My wife cajoled me to do so, and when I logged on to AOL this afternoon, weary in body and mind after work and commute, they had a list of what I take's a standard 25 do's & don'ts regarding Facebook. I had never seen it, but I read about it and then joined a few minutes later. It reminds me of being shoved into a dinner party or, as my wife wrote well on her blog about last weekend, her college commemoration (not quite a reunion).
As for my college, I checked it out and found over 130 grads my year, about an eighth of the class, were signed up. I scanned the photos, noting first of all atop the list a dance major from San Bernardino who hung around with my freshman year roommate-- same major. He was a classmate with Barry O. at Punahou, who then dropped out of LMU after his first year. I never knew she graduated, but I wasn't exactly part of the drama queen crowd. I did find one old friend who I felt bad about when I lost his wedding invitation-- he's now in Montgomery, Alabama. A few other faces I dimly recalled, likely fewer now who'd recognize me. I sent no requests thither; I'd be surprised if I get any from those I started with thirty years ago this autumn. Unless they're the types desperate to add "friends" who aren't or weren't. As I suspect some may be, extroverts whom I never befriended.
As for the two grad schools, there's little to no chance due to their size, breadth, and anonymity for joyous jaunts down any memory road there. Potentially thronged with what my UCLA prof deemed in we English doctoral candidates as "neurotic egotists," I doubt if either campus path I trod for over a lonely decade towards my "advanced degrees" will entice me back. It was a difficult time and if I had not met my wife halfway through, lost in a dark wood even earlier than Dante's midway point, I'd have been devoured by the prowling panthers and thorny thickets forsooth.
If I want to leave the "selva oscura" for brighter slopes on my own journey down life's middle age, the problem is that my e-mail's linked to my lesser-used address that I reserve for blogging and net contacts; there's hardly any names in that file for contacts. I figure more exist. Yet, as Facebook's keyed only to your own log-in e-mail rather than multiple accounts to investigate contacts, this seems either a wise limit or a puzzling drawback to searching your potential minglers in cyberspace.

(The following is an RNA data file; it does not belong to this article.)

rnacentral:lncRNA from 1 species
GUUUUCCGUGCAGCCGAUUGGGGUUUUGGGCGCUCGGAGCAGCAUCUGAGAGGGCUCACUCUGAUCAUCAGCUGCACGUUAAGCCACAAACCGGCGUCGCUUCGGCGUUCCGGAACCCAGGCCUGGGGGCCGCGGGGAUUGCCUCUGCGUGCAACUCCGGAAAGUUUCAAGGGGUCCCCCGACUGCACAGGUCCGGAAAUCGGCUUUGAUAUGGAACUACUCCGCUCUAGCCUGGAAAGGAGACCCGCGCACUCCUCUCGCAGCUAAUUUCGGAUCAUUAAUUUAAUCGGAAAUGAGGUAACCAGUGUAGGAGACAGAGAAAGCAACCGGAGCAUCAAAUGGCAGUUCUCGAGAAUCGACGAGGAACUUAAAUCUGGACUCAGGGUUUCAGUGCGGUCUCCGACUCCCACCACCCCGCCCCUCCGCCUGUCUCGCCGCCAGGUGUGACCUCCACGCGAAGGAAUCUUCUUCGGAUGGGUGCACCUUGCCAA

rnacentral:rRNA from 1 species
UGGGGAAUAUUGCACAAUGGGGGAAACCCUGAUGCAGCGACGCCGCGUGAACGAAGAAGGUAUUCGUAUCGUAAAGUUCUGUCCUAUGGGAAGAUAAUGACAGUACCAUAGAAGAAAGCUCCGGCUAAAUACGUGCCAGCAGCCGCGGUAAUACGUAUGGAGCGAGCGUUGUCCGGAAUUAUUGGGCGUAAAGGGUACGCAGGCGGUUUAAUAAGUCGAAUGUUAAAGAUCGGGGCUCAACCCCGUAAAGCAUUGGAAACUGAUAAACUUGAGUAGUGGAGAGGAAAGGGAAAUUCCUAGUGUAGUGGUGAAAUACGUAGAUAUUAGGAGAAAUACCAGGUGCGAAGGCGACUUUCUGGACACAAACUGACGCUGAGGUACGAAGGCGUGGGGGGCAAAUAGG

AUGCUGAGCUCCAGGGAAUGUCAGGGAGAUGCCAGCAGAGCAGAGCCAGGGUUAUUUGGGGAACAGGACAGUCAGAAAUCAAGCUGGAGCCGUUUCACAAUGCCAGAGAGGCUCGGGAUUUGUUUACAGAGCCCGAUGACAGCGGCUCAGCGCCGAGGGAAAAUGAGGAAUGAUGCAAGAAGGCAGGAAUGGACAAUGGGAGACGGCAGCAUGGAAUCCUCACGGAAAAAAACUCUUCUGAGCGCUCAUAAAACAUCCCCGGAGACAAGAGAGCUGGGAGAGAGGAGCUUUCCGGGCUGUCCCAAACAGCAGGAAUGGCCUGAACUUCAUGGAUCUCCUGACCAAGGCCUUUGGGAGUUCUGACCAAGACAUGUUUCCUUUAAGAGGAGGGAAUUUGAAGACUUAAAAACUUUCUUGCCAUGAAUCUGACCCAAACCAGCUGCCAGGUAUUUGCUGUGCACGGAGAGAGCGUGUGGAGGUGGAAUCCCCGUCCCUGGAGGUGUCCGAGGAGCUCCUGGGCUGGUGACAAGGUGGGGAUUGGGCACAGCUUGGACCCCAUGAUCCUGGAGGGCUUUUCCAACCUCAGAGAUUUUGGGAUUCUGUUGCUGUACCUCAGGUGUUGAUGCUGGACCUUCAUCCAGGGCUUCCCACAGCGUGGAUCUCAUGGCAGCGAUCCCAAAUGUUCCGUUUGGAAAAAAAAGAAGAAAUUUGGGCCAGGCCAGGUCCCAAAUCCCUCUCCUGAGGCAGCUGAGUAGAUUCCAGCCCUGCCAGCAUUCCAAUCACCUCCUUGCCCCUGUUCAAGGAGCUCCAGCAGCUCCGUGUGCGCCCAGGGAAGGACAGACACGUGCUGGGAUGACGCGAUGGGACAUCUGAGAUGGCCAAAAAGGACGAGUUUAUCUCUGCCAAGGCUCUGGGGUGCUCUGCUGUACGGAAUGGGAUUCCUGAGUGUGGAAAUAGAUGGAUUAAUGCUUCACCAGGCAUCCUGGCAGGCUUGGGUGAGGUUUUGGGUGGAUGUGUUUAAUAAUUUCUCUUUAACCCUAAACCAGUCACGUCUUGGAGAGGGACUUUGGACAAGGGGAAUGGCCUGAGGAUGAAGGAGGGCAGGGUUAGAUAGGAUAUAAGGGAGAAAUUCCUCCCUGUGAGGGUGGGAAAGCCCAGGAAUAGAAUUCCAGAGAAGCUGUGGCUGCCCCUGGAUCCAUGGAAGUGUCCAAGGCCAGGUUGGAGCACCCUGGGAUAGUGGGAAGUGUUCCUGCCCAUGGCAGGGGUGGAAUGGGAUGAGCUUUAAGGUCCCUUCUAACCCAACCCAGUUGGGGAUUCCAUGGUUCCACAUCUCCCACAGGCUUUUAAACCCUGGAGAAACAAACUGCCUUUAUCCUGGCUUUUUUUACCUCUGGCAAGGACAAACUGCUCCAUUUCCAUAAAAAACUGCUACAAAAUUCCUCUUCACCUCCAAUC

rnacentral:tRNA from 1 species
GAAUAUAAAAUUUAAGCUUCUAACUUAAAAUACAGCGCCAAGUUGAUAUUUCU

Already, the third person on my very short list, who kindly commented on my blog a month or two ago and whom I contacted, has a tremendous number of updates. He contacted me minutes after I sent my request, and now I am the second person he knows with my all-too-common first and last names. On the other hand, this anonymity of mine is countered by the middle name I despise, and that initial suffices, as it had to in college to distinguish me from the other two men with my same first and last names there. At least they have not popped up in my class, yet, on Facebook!
I'm not sure I want every person I vaguely know to be added as a friend, as this updating and Twittering will soon overwhelm us all. However, my dear spouse urges me to network, so for a wallflower like me this is less painful than small talk face-to-face, much as I might like you in theory or practice. No offense. Read Jonathan Rauch's "Caring for Your Introvert" for more on my predilection (not a lifestyle choice!). Still, if you thrive in Facebook's realm and wonder why I have not chosen you, here's my profile: "Facebook me!"
P.S. Hosting ads frosts me; I refuse them on this blog, but Facebook's did aim well by targeting me accurately. An hour after I listed Fairport Convention as a musical pick, there's an image hawking "Swarb" t-shirts on the right of my homepage. I'd never wear one let alone buy one (I look scrawny in t's) but a market research bot's earning its keep for some diligent hippie-turned-techie from Cropredy adjacent.
P.P.S. I wanted a picture for this blog entry, but not a boring Facebook badge with my boring first and last names. Luckily, Chris sent his shot to grace my Wall as a reminder of the fine time on a blustery day we had-- Bob next to me, sensibly capped. Bad hair day for me, as I'm still wearing my fancy purple dress shirt from the literary conference at NUI Galway earlier that afternoon five years ago this summer-- on the gusty western shore of Lough Corrib, Uachtar Ard/ Oughterard, Co Galway/ Gaillimh, next door staying facing the hotel where Layne and I had fifteen summers before nearly to the day dormed near Leo the dog (cue heavy Teutonic accent of old duffer) "get him avay, he smells, he stinks"... pre-boy Leo.